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LEARNS rhetoric ignores real issues by Shelley Smith Special to the Democrat-Gazette | June 1, 2023 at 2:53 a.m.

R hetoric versus reality. In the current political environment that is heavy on massaging words and light on speaking plainly, it is hard to know which one we are hearing. Nowhere has this been more evident than in the realm of education.

I have often wondered how superintendents are adjusting to flying blindly into the unknown LEARNS landscape. A few weeks ago, I shared thoughts from a variety of stakeholders. This a deeper dive into the views of school administrators.

I created a short survey which was sent to public school superintendents. These individuals must walk a fine line between their employees, students, school boards, communities, the public, the Department of Education, and the Legislature.

It is a very sad reality that people remain silent because they fear repercussions from state leaders. For this reason, there is no identifying information attached to the results.

All regions of the state are represented, and 76.9 percent of the responses came from districts with enrollments of between 350 and 1,500. This is the group most at risk of financial distress or losing staff as a result of the new law. Approximately 70 percent of all districts in the state also fall into the same range, according to Arkansas Department of Education data.

69.3 percent have not yet made decisions about cutting positions, or have already laid off employees.

55.1 percent will not receive adequate state funds to cover the required $50,000 salary for teachers.

75.6 percent do not have adequate funds to increase the salary steps for veteran teachers and those with advanced degrees.

55.1 percent are not confident that future funding from the state will be sufficient to maintain a competitive salary schedule for licensed and classified staff; 41 percent are unsure.

39.7 percent support the effort being made to put LEARNS on the 2024 ballot; 37.2 percent are unsure.

Their comments reveal much frustration and ambivalence.

"In a nutshell, I feel this is an elitist, wealth-oriented action designed ultimately to greatly reduce the number of public school districts in Arkansas."

"The rhetoric used by those in [Little Rock] made no sense. Jacob Oliva was talking about how this legislation was about saving public education, while the governor was talking about how this legislation was to save parents, students, and others from public education."

"Superintendents had almost no say at all in any of this legislation."

"And small rural districts are again having to fight for teachers when we can only pay at the most $55,000. There needs to be a statewide salary schedule and districts cannot deviate from it."

"I'm a little in shock by how much we are short in funding to meet the required increases. Over $200,000 in salary costs that are unfunded, which is a ton for a small district such as ourselves."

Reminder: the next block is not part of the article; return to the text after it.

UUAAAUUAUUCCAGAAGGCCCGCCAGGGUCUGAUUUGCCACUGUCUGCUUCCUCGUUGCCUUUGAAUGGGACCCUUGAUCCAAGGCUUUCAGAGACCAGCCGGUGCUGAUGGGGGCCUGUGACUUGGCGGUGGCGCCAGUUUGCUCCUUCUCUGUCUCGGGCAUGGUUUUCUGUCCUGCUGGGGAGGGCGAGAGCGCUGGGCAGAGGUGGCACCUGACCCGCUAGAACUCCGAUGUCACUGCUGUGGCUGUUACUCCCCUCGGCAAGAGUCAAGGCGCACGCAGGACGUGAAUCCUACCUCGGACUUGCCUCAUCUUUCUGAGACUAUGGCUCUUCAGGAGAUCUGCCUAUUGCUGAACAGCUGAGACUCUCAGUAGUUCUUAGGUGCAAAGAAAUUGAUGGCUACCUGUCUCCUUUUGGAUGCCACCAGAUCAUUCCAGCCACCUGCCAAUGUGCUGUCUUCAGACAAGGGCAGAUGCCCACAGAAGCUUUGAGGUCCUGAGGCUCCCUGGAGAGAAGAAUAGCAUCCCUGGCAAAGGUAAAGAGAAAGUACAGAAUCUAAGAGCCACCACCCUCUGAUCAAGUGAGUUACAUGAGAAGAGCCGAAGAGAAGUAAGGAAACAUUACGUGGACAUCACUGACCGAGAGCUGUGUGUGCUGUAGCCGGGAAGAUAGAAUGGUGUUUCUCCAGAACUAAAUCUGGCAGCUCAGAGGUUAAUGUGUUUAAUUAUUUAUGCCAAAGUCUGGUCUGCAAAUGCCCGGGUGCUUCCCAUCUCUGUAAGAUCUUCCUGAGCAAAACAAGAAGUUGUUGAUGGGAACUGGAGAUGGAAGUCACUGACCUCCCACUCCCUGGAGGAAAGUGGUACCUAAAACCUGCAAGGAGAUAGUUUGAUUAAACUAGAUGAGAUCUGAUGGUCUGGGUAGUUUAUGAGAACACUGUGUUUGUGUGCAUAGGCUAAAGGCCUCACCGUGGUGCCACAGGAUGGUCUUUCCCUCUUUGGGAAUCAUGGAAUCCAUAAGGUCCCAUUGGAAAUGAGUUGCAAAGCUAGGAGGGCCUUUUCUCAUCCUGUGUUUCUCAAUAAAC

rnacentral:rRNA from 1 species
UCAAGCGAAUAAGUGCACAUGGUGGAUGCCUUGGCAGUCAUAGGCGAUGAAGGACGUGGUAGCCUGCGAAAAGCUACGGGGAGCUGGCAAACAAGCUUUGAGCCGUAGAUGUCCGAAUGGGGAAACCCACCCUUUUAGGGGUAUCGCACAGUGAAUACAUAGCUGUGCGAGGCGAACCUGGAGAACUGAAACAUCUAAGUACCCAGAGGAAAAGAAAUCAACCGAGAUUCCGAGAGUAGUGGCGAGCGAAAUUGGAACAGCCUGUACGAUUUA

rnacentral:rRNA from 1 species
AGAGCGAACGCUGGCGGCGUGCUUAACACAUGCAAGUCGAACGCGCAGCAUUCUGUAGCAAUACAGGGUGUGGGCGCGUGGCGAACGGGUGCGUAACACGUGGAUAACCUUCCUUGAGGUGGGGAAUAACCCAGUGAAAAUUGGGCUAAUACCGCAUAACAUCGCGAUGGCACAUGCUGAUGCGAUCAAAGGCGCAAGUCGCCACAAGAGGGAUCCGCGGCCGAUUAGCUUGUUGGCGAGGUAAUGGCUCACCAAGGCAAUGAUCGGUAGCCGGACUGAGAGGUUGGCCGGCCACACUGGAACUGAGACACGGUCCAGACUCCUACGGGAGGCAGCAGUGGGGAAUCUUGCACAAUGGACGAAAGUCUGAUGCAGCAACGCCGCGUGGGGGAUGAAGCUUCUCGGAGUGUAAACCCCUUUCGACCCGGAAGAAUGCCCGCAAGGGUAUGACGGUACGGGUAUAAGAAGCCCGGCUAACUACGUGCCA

"I hate this new LEARNS Act and, as a superintendent, I'm scared for my school."

"My biggest concern about the LEARNS Act is the unfunded mandates."

"High-poverty districts like ours have low property values. We need a statewide millage rate to help even the playing field."

"A focus of LEARNS is listed as early childhood education, yet the state and governor are not providing any additional funding for districts' Pre-K teachers, staff or students."

"I am afraid if the veto were to happen, it would be a bigger mess than what we are dealing with."

"For No. 3 I answered 'I don't know' because we haven't seen the money yet. It's all only preliminary."

T he superintendents who have made these statements are not radical leftists. They are committed school leaders who have undoubtedly lost a lot of sleep trying to figure out how they will keep their districts intact as they try to follow the new law ... if it remains a law.

Hubris walks hand-in-hand with rhetoric. The problem with hubris is that people are so blinded by arrogance that they refuse see the downside of their bad decisions.

Bulldozing an omnibus bill through the Legislature, social media-shaming those who speak against it, and ignoring all other ideas leads to a downward spiral of unintended consequences. It probably never occurred to the sponsors that any part of it might be challenged in court. If one part is challenged, all of it goes to court. Oops.

It is extremely unwise to label concerned citizens as "adults with political motives." When the education commissioner, in his official capacity, using an ADE social media account, accuses citizens of standing in the way of progress, we have reached a whole new circle of hell. If he had lived here long enough to actually know those people, he would understand how ridiculous a label that is. Opposition to the law comes from all parts of the ideological spectrum.

Dante might point at the sign that says "Abandon all hope, you who enter here." But we cannot abandon hope.

The rhetoric you hear is a lie. Nobody is fighting for the status quo, nor for failing schools. Students need someone to fight for their right to free and fair public education, not for the rights of a few to usurp public tax dollars to pay for their elitist private education.

A state as beautiful and diverse as Arkansas should not be subjected to the silly games of a small group of humans. The land and its people deserve respect. The consequences of this lack of respect fall squarely on those shoveling rhetoric, not the ones fighting back. That is reality.

Regnat populus, y'all.

Shelley Smith of Fox is a retired teacher.

Print Headline: Face reality


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